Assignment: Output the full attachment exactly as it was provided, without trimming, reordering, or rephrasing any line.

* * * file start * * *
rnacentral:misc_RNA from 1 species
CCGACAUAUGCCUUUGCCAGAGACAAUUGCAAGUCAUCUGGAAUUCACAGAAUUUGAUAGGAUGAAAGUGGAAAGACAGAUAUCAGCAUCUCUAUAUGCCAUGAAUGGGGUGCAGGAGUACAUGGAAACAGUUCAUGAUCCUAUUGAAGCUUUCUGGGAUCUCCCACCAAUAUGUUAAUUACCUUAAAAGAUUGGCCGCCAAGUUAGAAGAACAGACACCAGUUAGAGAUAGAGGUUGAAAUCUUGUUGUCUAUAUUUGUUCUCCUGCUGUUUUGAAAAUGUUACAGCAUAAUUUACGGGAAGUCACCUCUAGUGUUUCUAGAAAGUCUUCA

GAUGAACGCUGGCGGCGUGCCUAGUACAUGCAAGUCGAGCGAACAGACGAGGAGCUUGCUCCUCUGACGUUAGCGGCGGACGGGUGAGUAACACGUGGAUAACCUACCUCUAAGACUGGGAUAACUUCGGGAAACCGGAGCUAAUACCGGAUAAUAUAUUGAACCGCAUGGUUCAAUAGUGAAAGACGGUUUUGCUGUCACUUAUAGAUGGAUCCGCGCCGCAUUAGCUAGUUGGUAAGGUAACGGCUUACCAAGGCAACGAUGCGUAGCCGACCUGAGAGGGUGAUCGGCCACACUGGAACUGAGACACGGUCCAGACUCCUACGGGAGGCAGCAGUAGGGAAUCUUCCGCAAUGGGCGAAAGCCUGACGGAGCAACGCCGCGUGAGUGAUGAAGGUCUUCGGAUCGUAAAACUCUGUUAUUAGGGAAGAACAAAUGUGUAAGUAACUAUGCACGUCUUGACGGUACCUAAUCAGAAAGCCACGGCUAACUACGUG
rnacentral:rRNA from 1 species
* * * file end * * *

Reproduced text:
rnacentral:misc_RNA from 1 species
CCGACAUAUGCCUUUGCCAGAGACAAUUGCAAGUCAUCUGGAAUUCACAGAAUUUGAUAGGAUGAAAGUGGAAAGACAGAUAUCAGCAUCUCUAUAUGCCAUGAAUGGGGUGCAGGAGUACAUGGAAACAGUUCAUGAUCCUAUUGAAGCUUUCUGGGAUCUCCCACCAAUAUGUUAAUUACCUUAAAAGAUUGGCCGCCAAGUUAGAAGAACAGACACCAGUUAGAGAUAGAGGUUGAAAUCUUGUUGUCUAUAUUUGUUCUCCUGCUGUUUUGAAAAUGUUACAGCAUAAUUUACGGGAAGUCACCUCUAGUGUUUCUAGAAAGUCUUCA

GAUGAACGCUGGCGGCGUGCCUAGUACAUGCAAGUCGAGCGAACAGACGAGGAGCUUGCUCCUCUGACGUUAGCGGCGGACGGGUGAGUAACACGUGGAUAACCUACCUCUAAGACUGGGAUAACUUCGGGAAACCGGAGCUAAUACCGGAUAAUAUAUUGAACCGCAUGGUUCAAUAGUGAAAGACGGUUUUGCUGUCACUUAUAGAUGGAUCCGCGCCGCAUUAGCUAGUUGGUAAGGUAACGGCUUACCAAGGCAACGAUGCGUAGCCGACCUGAGAGGGUGAUCGGCCACACUGGAACUGAGACACGGUCCAGACUCCUACGGGAGGCAGCAGUAGGGAAUCUUCCGCAAUGGGCGAAAGCCUGACGGAGCAACGCCGCGUGAGUGAUGAAGGUCUUCGGAUCGUAAAACUCUGUUAUUAGGGAAGAACAAAUGUGUAAGUAACUAUGCACGUCUUGACGGUACCUAAUCAGAAAGCCACGGCUAACUACGUG
rnacentral:rRNA from 1 species